Killed Characters, Fired Bosses and Canceled Shows: TV's Top Drama Showrunners Tell All
Six top writer-producers -- Vince Gilligan ("Breaking Bad"), Howard Gordon ("Homeland"), Shonda Rhimes ("Grey’s Anatomy," "Private Practice," "Scandal"), Glen Mazzara ("The Walking Dead"), Veena Sud ("The Killing") and Terence Winter ("Boardwalk Empire") -- talk writers' block cures, the "torture" of Twitter and the most painless way to kill off your lead.
THR: What has been your most challenging moment with an actor?
Gordon: Where’s this running? (Laughter.)
Gilligan: I remember a good learning moment for me. It was on The X-Files, and I had written the scene where Gillian Anderson was about to get an ice-pick lobotomy by this crazy guy who’d strapped her to a dentist chair. I wrote that she was coming out of some deep anesthetic, and the scene needed to be scary. But I’m like, “This is not scary, because she’s not scared. She is drugged!” So I had to ask them to reshoot it. She was very upset with me. I don’t blame her. I sent her flowers. I learned from that that you got to be careful what you put on the page.
Winter: I can’t say it was easy walking into a trailer and sitting across from Tony Soprano, telling him that he has to say the dialogue exactly as written. (Laughter.) But it was really great when I realized that Jim Gandolfini is not Tony, and you can actually talk to him. We were real sticklers for having the dialogue said verbatim, and then it’s down to something like “You motherf—ing asshole” and “You asshole motherf—er,” and I had to explain why it was better the other way. (Laughter.)
THR: You are all at the top of your game, careerwise. But is there something you haven’t done in your lives that you’d still like to do?
Sud: Not as a career. But I want to hike the Pacific Crest Trail. I want to go from Mexico to Canada. It takes three months to do that hike.
Gilligan: That would be cool. I’ve always wanted to do the Appalachian Trail, because I’m from back east. Both of those would be great.
Winter: I wouldn’t want to do anything else. I just wish I had more time to read things that weren’t related to what I’m working on. Some of the older books, all the CliffsNotes of books I was supposed to have read in college were great, but I just see people on the subway and on the street reading a book, and I say, “Wow. What’s that like?” I just really have no time.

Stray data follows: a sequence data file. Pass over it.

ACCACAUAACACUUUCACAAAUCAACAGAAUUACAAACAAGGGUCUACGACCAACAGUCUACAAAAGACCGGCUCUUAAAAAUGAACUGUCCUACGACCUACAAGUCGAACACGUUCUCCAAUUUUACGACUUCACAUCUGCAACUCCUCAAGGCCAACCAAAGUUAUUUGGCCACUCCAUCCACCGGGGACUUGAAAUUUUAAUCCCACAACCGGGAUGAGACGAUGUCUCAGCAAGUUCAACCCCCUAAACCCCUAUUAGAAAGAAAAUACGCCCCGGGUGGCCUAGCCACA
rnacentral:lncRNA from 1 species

Rhimes: About once a year, I announce to my sisters that I’m going to get my master’s in library science. I’m very serious about it. The idea of being a librarian is like the happiest job I can think of. My sisters laugh at me every single time, and they’re like, “It’s not going to happen, let it go.” But one day I’m going to have a library in Vermont somewhere.
Gordon: I’ve had on my desk a couple of applications to grad school. I haven’t filled them out, but I’ve actually done the research to see what it would take. Public diplomacy is one. International relations, I mean, I’ve always been interested in that and briefly considered a career in the state department until I saw the entrance exam.
Mazzara: I’d probably want to teach. I have a degree in English lit and was going to be a teacher at one point, and so I could see teaching, you know, English or maybe film. But this idea of the career ending is so scary. Let’s move on. (Laughter.)
From left: Vince Gilligan, Howard Gordon, Shonda Rhimes, Terence Winter, Veena Sud and Glen Mazzara, photographed at the historic Los Angeles Athletic Club
and hotel in downtown L.A. on May 3.